sir_guinglain: (Zen)
( Sep. 3rd, 2018 06:01 pm)
Farewell to an extraordinary actor. Maximum power, always.
The death of Richard, sixth Earl Grey, on 10 September was marked by an obituary in the Telegraph which seemed too respectable. There was much about his activity in parliament as a prominent Liberal peer, his advocacy for small businesses and dutiful observing of elections in Zimbabwe, but surely there was another aspect to his career which they had forgotten..?

Trust a Murdoch paper to recall that there was. The Times (yes, I have paid the Murdoch shilling) have just obituarised the sixth Earl Grey, with details of his work with pornographer David Sullivan and his arrest in 1983 by the Obscene Publications Squad following the seizure of "350,000 sex magazines, books and videos" and his subsequent charge of living from immoral earnings, though the Director of Public Prosecutions chose not to pursue the case. What larks.
It's hardly an original subject for a post, and the sentiments which I will express aren't particularly new either. As I was told tonight, when I described Armstrong's death as 'sad news' it was for a given value of sad. Neil Armstrong lived a full and remarkable life. For those of us who grew up in the shadow of that walk on the moon[1], though, the end of Armstrong's life seems like the end of a promise. I recalled the articles in children's magazines of the 1970s which envisaged that by now there would be commercial, routine journeys by astronauts who would train in an environment which would make the Apollo astronauts' experiences look prehistoric. This optimism seems far-fetched now, though I am out of the loop as far as space exploration is concerned, and commercial spaceflight is at least becoming a reality. I hope, for the sake of those now distant times, that human beings walk on other worlds later this century.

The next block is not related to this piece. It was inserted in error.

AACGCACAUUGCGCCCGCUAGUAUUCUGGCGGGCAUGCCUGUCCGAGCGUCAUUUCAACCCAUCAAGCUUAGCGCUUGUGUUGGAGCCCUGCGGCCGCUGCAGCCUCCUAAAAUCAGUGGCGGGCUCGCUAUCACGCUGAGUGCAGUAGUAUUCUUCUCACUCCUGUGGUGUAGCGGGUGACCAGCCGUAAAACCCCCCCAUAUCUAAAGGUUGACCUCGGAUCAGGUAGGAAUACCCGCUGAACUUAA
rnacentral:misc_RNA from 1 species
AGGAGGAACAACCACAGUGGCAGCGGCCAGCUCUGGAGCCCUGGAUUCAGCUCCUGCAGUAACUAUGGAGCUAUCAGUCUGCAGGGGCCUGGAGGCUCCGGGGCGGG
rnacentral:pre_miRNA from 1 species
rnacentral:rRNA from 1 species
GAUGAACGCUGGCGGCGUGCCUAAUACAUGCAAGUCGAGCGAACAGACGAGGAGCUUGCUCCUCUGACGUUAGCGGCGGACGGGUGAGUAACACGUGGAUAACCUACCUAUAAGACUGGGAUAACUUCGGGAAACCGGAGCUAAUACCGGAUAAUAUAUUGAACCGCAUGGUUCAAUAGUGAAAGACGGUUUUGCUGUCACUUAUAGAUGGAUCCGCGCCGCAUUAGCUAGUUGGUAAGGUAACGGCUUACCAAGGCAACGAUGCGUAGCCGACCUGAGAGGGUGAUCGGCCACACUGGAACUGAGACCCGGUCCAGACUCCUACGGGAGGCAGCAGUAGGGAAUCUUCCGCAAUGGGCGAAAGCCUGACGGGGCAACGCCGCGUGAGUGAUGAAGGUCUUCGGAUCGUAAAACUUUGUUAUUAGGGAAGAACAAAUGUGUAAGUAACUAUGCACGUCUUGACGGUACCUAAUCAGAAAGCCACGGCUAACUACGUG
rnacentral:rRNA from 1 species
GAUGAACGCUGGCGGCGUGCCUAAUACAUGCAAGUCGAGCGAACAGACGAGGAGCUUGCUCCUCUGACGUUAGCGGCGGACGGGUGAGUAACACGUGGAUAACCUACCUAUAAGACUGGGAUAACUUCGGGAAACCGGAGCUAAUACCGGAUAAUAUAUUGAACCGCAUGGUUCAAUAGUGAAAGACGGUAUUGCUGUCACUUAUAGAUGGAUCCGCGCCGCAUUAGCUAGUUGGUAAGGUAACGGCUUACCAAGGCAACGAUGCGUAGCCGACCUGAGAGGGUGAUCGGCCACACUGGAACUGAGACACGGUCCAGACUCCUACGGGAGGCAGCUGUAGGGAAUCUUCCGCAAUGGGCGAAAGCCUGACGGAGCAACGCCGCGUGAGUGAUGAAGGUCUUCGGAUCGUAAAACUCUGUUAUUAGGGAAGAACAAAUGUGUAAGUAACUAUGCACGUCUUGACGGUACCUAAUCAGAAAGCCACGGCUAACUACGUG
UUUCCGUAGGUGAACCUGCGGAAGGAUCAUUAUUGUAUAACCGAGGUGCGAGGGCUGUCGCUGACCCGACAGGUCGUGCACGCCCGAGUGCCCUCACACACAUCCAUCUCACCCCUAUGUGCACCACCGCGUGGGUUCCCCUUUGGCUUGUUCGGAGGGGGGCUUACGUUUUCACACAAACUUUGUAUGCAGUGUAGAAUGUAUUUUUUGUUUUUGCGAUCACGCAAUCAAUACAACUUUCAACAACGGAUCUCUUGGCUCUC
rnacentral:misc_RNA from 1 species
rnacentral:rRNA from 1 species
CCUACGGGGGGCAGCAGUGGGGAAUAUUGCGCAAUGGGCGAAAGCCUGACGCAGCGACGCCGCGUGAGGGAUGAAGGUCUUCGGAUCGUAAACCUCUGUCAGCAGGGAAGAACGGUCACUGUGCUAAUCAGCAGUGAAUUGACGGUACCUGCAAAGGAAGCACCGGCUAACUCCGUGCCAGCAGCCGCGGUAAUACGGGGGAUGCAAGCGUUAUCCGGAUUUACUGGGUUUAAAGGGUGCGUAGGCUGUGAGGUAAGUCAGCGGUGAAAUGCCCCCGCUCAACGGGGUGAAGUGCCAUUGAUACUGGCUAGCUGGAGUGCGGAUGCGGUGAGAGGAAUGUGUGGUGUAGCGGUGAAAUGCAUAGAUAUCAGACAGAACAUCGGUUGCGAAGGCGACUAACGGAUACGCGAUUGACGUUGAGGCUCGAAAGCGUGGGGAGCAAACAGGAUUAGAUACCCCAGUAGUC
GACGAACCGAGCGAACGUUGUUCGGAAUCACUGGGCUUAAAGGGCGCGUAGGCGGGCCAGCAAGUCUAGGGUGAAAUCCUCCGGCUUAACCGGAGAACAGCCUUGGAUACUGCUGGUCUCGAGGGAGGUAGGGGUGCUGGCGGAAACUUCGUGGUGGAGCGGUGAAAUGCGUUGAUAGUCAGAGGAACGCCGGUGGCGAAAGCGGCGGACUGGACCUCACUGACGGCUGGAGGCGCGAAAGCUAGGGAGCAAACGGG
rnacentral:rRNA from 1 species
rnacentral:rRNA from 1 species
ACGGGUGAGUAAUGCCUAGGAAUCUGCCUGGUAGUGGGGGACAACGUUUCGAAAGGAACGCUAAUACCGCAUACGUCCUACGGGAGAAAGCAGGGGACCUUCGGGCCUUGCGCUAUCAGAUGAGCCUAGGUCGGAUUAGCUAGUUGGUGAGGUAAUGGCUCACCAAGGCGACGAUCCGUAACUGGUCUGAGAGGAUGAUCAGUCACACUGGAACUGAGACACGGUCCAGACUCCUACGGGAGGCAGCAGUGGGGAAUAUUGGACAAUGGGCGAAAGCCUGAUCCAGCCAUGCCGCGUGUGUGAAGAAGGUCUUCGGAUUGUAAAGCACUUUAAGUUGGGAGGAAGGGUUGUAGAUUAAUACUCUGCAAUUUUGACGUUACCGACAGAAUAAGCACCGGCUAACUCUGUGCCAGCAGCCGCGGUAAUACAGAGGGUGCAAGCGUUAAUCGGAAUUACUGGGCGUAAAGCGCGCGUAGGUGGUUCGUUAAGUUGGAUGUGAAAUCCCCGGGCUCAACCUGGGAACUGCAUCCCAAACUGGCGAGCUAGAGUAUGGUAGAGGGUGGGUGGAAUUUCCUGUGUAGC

[1]...and only a shadow; I can only remember the afterword of the Apollo programme, Apollo-Soyuz.
A mystery: a woman with long hair, leaning against the third Doctor on Bessie. The letter of the answer: the brisk, efficient, perceptive scientist in Doctor Who and the Auton Invasion, the self-possessed woman who knew the measure of human frailty in Doctor Who and the Cave-Monsters. Finally, the spirit and the substance of the answer: that amused smile, gently authoritative voice, precise body language, expression that was always questing, always determined, whatever terrors arose from beneath the Earth or descended from outer space. The vocal control which showed that even in another universe where a moral compass had been thoroughly brutalised, a conscience remained true.

Much later: an autograph queue, BAFTA. I'd ducked in to see what was happening and buy a book, and found a signing session in full swing. I'd not been at one since a towering actor had placed his hat on my head and wrote that I looked good in it on the short title page of my copy of Doctor Who and the Deadly Assassin. Old hands made their way up and down the queue, it was so long and there were so few tables: "Watling? Anyone for Watling?" called a smoke-aged voice like some wine-marinated sergeant-major. A jolly blonde woman remembered people she'd met before, and introduced them to her seemingly more introverted male colleague. I reached the table; a stuntman appraised me sceptically, a practical man gazing on a starstruck fantasist. Then, an even more talkative woman, not falling back on the "Isn't this fantastic!" line it's easy to resort to in these situations, but questioning, wondering how I discovered Doctor Who, and why I stayed with it. I can't remember my reply. I asked her to sign my Television Companion, which she did, under the listing for Inferno which unfortunately detailed her removal from the series. I moved on, and she found something else as specific and new to say to the next person. Good casting, I thought. Thank you, Carry.